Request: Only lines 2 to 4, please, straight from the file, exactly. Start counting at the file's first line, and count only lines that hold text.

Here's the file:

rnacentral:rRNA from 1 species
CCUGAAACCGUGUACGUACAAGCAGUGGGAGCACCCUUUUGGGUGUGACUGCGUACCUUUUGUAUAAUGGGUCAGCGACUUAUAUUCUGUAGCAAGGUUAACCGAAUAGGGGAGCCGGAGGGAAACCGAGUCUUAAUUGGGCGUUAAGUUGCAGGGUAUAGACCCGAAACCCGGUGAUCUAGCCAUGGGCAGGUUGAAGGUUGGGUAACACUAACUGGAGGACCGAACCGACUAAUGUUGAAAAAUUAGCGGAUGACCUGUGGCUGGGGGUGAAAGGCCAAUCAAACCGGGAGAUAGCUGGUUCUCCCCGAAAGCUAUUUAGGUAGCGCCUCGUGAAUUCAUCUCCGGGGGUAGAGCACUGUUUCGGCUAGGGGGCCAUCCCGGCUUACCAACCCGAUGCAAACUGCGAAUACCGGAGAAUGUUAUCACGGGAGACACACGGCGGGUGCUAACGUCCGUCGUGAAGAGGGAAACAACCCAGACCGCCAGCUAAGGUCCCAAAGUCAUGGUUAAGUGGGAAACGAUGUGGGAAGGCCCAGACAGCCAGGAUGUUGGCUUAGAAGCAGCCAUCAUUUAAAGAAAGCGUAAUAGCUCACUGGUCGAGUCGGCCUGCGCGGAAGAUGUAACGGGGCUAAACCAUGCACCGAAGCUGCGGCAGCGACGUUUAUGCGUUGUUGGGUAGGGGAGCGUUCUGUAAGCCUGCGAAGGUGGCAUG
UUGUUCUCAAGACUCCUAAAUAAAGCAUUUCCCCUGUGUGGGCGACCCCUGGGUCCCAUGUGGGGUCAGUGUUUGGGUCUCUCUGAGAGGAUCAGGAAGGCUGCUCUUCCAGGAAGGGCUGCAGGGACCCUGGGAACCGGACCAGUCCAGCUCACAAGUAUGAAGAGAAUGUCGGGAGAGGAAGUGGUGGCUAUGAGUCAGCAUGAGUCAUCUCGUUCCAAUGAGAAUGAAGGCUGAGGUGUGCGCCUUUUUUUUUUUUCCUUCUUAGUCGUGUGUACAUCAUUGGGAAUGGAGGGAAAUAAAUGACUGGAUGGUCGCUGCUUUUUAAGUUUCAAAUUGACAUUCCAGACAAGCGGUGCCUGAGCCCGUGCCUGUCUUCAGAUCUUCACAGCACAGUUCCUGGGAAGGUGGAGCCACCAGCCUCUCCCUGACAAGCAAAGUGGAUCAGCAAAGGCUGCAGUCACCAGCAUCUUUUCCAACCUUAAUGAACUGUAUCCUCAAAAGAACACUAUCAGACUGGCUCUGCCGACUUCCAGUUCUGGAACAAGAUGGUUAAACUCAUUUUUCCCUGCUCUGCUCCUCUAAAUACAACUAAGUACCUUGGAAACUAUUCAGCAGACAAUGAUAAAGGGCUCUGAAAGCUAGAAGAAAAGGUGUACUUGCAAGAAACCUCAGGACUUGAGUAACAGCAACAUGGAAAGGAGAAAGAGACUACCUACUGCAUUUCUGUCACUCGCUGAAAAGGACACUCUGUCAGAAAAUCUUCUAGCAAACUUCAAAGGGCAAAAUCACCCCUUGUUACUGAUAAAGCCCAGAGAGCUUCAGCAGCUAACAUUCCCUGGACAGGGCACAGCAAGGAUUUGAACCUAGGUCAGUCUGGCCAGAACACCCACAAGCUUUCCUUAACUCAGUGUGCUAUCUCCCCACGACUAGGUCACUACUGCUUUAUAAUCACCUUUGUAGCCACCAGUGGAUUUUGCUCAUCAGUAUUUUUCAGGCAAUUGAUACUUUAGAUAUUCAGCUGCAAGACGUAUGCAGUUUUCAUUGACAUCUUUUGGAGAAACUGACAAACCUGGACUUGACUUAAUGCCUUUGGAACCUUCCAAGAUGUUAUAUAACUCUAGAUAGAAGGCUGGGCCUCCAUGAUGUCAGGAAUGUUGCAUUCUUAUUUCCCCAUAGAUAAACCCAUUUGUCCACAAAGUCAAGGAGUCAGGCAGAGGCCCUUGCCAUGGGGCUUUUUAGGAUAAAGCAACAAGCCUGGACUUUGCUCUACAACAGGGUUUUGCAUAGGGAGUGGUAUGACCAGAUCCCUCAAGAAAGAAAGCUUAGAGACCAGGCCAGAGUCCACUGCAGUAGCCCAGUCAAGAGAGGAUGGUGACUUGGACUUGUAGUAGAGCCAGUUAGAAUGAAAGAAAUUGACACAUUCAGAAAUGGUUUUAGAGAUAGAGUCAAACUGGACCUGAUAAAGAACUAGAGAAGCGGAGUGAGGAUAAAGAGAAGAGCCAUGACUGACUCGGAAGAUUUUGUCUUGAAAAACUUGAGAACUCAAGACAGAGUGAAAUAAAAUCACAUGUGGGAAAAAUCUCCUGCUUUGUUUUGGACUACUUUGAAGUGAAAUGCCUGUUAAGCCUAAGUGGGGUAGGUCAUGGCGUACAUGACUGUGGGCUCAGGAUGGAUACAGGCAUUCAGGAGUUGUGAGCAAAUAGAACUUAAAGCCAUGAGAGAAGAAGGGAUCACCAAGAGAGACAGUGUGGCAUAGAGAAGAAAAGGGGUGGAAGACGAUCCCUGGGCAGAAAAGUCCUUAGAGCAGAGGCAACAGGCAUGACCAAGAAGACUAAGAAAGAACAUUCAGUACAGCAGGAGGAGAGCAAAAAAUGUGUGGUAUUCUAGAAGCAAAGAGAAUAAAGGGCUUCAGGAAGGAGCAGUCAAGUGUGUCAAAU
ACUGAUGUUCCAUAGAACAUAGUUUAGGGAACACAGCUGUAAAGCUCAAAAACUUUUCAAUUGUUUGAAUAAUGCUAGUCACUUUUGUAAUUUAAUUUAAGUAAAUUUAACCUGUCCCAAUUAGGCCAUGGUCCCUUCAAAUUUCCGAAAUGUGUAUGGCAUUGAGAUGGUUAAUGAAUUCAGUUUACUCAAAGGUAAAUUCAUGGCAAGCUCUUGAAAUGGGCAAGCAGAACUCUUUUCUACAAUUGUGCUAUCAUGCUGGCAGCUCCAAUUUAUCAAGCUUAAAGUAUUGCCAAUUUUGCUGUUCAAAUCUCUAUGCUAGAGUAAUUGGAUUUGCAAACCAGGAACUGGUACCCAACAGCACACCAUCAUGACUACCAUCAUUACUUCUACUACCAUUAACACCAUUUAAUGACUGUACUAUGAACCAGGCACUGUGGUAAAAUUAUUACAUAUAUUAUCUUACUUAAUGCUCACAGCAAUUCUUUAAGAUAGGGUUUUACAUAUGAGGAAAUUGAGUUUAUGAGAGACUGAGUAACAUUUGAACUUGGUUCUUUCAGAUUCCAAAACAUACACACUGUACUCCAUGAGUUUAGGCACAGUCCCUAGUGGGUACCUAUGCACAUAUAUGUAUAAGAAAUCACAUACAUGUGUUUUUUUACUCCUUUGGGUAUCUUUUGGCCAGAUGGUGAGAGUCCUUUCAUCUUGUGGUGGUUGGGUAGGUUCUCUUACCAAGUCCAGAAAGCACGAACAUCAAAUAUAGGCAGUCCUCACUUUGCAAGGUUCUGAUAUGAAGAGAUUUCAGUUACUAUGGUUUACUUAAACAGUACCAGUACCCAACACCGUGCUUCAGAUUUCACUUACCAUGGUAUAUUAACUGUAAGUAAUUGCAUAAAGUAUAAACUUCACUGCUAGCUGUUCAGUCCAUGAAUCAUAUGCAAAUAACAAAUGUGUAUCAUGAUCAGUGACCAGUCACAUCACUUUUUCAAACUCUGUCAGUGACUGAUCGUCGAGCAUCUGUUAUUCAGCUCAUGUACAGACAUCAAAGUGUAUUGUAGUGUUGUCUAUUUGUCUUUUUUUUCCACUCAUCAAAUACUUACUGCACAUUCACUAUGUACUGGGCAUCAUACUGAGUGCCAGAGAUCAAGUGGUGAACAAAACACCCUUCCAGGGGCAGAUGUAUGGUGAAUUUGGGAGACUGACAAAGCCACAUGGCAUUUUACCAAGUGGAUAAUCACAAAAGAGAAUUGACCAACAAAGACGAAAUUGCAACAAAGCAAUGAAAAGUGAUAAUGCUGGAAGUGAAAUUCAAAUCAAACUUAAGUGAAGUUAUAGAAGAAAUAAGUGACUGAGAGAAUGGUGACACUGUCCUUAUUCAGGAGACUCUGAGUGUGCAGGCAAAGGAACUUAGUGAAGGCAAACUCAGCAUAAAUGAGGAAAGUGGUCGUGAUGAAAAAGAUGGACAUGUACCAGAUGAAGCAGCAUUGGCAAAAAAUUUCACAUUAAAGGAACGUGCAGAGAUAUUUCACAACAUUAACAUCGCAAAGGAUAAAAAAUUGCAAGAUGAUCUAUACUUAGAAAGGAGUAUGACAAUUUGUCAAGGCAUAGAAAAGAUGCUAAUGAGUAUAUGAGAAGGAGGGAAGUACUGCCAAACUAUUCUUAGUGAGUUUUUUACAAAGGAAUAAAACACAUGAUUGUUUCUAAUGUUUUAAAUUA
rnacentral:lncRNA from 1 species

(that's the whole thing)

CCUGAAACCGUGUACGUACAAGCAGUGGGAGCACCCUUUUGGGUGUGACUGCGUACCUUUUGUAUAAUGGGUCAGCGACUUAUAUUCUGUAGCAAGGUUAACCGAAUAGGGGAGCCGGAGGGAAACCGAGUCUUAAUUGGGCGUUAAGUUGCAGGGUAUAGACCCGAAACCCGGUGAUCUAGCCAUGGGCAGGUUGAAGGUUGGGUAACACUAACUGGAGGACCGAACCGACUAAUGUUGAAAAAUUAGCGGAUGACCUGUGGCUGGGGGUGAAAGGCCAAUCAAACCGGGAGAUAGCUGGUUCUCCCCGAAAGCUAUUUAGGUAGCGCCUCGUGAAUUCAUCUCCGGGGGUAGAGCACUGUUUCGGCUAGGGGGCCAUCCCGGCUUACCAACCCGAUGCAAACUGCGAAUACCGGAGAAUGUUAUCACGGGAGACACACGGCGGGUGCUAACGUCCGUCGUGAAGAGGGAAACAACCCAGACCGCCAGCUAAGGUCCCAAAGUCAUGGUUAAGUGGGAAACGAUGUGGGAAGGCCCAGACAGCCAGGAUGUUGGCUUAGAAGCAGCCAUCAUUUAAAGAAAGCGUAAUAGCUCACUGGUCGAGUCGGCCUGCGCGGAAGAUGUAACGGGGCUAAACCAUGCACCGAAGCUGCGGCAGCGACGUUUAUGCGUUGUUGGGUAGGGGAGCGUUCUGUAAGCCUGCGAAGGUGGCAUG
UUGUUCUCAAGACUCCUAAAUAAAGCAUUUCCCCUGUGUGGGCGACCCCUGGGUCCCAUGUGGGGUCAGUGUUUGGGUCUCUCUGAGAGGAUCAGGAAGGCUGCUCUUCCAGGAAGGGCUGCAGGGACCCUGGGAACCGGACCAGUCCAGCUCACAAGUAUGAAGAGAAUGUCGGGAGAGGAAGUGGUGGCUAUGAGUCAGCAUGAGUCAUCUCGUUCCAAUGAGAAUGAAGGCUGAGGUGUGCGCCUUUUUUUUUUUUCCUUCUUAGUCGUGUGUACAUCAUUGGGAAUGGAGGGAAAUAAAUGACUGGAUGGUCGCUGCUUUUUAAGUUUCAAAUUGACAUUCCAGACAAGCGGUGCCUGAGCCCGUGCCUGUCUUCAGAUCUUCACAGCACAGUUCCUGGGAAGGUGGAGCCACCAGCCUCUCCCUGACAAGCAAAGUGGAUCAGCAAAGGCUGCAGUCACCAGCAUCUUUUCCAACCUUAAUGAACUGUAUCCUCAAAAGAACACUAUCAGACUGGCUCUGCCGACUUCCAGUUCUGGAACAAGAUGGUUAAACUCAUUUUUCCCUGCUCUGCUCCUCUAAAUACAACUAAGUACCUUGGAAACUAUUCAGCAGACAAUGAUAAAGGGCUCUGAAAGCUAGAAGAAAAGGUGUACUUGCAAGAAACCUCAGGACUUGAGUAACAGCAACAUGGAAAGGAGAAAGAGACUACCUACUGCAUUUCUGUCACUCGCUGAAAAGGACACUCUGUCAGAAAAUCUUCUAGCAAACUUCAAAGGGCAAAAUCACCCCUUGUUACUGAUAAAGCCCAGAGAGCUUCAGCAGCUAACAUUCCCUGGACAGGGCACAGCAAGGAUUUGAACCUAGGUCAGUCUGGCCAGAACACCCACAAGCUUUCCUUAACUCAGUGUGCUAUCUCCCCACGACUAGGUCACUACUGCUUUAUAAUCACCUUUGUAGCCACCAGUGGAUUUUGCUCAUCAGUAUUUUUCAGGCAAUUGAUACUUUAGAUAUUCAGCUGCAAGACGUAUGCAGUUUUCAUUGACAUCUUUUGGAGAAACUGACAAACCUGGACUUGACUUAAUGCCUUUGGAACCUUCCAAGAUGUUAUAUAACUCUAGAUAGAAGGCUGGGCCUCCAUGAUGUCAGGAAUGUUGCAUUCUUAUUUCCCCAUAGAUAAACCCAUUUGUCCACAAAGUCAAGGAGUCAGGCAGAGGCCCUUGCCAUGGGGCUUUUUAGGAUAAAGCAACAAGCCUGGACUUUGCUCUACAACAGGGUUUUGCAUAGGGAGUGGUAUGACCAGAUCCCUCAAGAAAGAAAGCUUAGAGACCAGGCCAGAGUCCACUGCAGUAGCCCAGUCAAGAGAGGAUGGUGACUUGGACUUGUAGUAGAGCCAGUUAGAAUGAAAGAAAUUGACACAUUCAGAAAUGGUUUUAGAGAUAGAGUCAAACUGGACCUGAUAAAGAACUAGAGAAGCGGAGUGAGGAUAAAGAGAAGAGCCAUGACUGACUCGGAAGAUUUUGUCUUGAAAAACUUGAGAACUCAAGACAGAGUGAAAUAAAAUCACAUGUGGGAAAAAUCUCCUGCUUUGUUUUGGACUACUUUGAAGUGAAAUGCCUGUUAAGCCUAAGUGGGGUAGGUCAUGGCGUACAUGACUGUGGGCUCAGGAUGGAUACAGGCAUUCAGGAGUUGUGAGCAAAUAGAACUUAAAGCCAUGAGAGAAGAAGGGAUCACCAAGAGAGACAGUGUGGCAUAGAGAAGAAAAGGGGUGGAAGACGAUCCCUGGGCAGAAAAGUCCUUAGAGCAGAGGCAACAGGCAUGACCAAGAAGACUAAGAAAGAACAUUCAGUACAGCAGGAGGAGAGCAAAAAAUGUGUGGUAUUCUAGAAGCAAAGAGAAUAAAGGGCUUCAGGAAGGAGCAGUCAAGUGUGUCAAAU
ACUGAUGUUCCAUAGAACAUAGUUUAGGGAACACAGCUGUAAAGCUCAAAAACUUUUCAAUUGUUUGAAUAAUGCUAGUCACUUUUGUAAUUUAAUUUAAGUAAAUUUAACCUGUCCCAAUUAGGCCAUGGUCCCUUCAAAUUUCCGAAAUGUGUAUGGCAUUGAGAUGGUUAAUGAAUUCAGUUUACUCAAAGGUAAAUUCAUGGCAAGCUCUUGAAAUGGGCAAGCAGAACUCUUUUCUACAAUUGUGCUAUCAUGCUGGCAGCUCCAAUUUAUCAAGCUUAAAGUAUUGCCAAUUUUGCUGUUCAAAUCUCUAUGCUAGAGUAAUUGGAUUUGCAAACCAGGAACUGGUACCCAACAGCACACCAUCAUGACUACCAUCAUUACUUCUACUACCAUUAACACCAUUUAAUGACUGUACUAUGAACCAGGCACUGUGGUAAAAUUAUUACAUAUAUUAUCUUACUUAAUGCUCACAGCAAUUCUUUAAGAUAGGGUUUUACAUAUGAGGAAAUUGAGUUUAUGAGAGACUGAGUAACAUUUGAACUUGGUUCUUUCAGAUUCCAAAACAUACACACUGUACUCCAUGAGUUUAGGCACAGUCCCUAGUGGGUACCUAUGCACAUAUAUGUAUAAGAAAUCACAUACAUGUGUUUUUUUACUCCUUUGGGUAUCUUUUGGCCAGAUGGUGAGAGUCCUUUCAUCUUGUGGUGGUUGGGUAGGUUCUCUUACCAAGUCCAGAAAGCACGAACAUCAAAUAUAGGCAGUCCUCACUUUGCAAGGUUCUGAUAUGAAGAGAUUUCAGUUACUAUGGUUUACUUAAACAGUACCAGUACCCAACACCGUGCUUCAGAUUUCACUUACCAUGGUAUAUUAACUGUAAGUAAUUGCAUAAAGUAUAAACUUCACUGCUAGCUGUUCAGUCCAUGAAUCAUAUGCAAAUAACAAAUGUGUAUCAUGAUCAGUGACCAGUCACAUCACUUUUUCAAACUCUGUCAGUGACUGAUCGUCGAGCAUCUGUUAUUCAGCUCAUGUACAGACAUCAAAGUGUAUUGUAGUGUUGUCUAUUUGUCUUUUUUUUCCACUCAUCAAAUACUUACUGCACAUUCACUAUGUACUGGGCAUCAUACUGAGUGCCAGAGAUCAAGUGGUGAACAAAACACCCUUCCAGGGGCAGAUGUAUGGUGAAUUUGGGAGACUGACAAAGCCACAUGGCAUUUUACCAAGUGGAUAAUCACAAAAGAGAAUUGACCAACAAAGACGAAAUUGCAACAAAGCAAUGAAAAGUGAUAAUGCUGGAAGUGAAAUUCAAAUCAAACUUAAGUGAAGUUAUAGAAGAAAUAAGUGACUGAGAGAAUGGUGACACUGUCCUUAUUCAGGAGACUCUGAGUGUGCAGGCAAAGGAACUUAGUGAAGGCAAACUCAGCAUAAAUGAGGAAAGUGGUCGUGAUGAAAAAGAUGGACAUGUACCAGAUGAAGCAGCAUUGGCAAAAAAUUUCACAUUAAAGGAACGUGCAGAGAUAUUUCACAACAUUAACAUCGCAAAGGAUAAAAAAUUGCAAGAUGAUCUAUACUUAGAAAGGAGUAUGACAAUUUGUCAAGGCAUAGAAAAGAUGCUAAUGAGUAUAUGAGAAGGAGGGAAGUACUGCCAAACUAUUCUUAGUGAGUUUUUUACAAAGGAAUAAAACACAUGAUUGUUUCUAAUGUUUUAAAUUA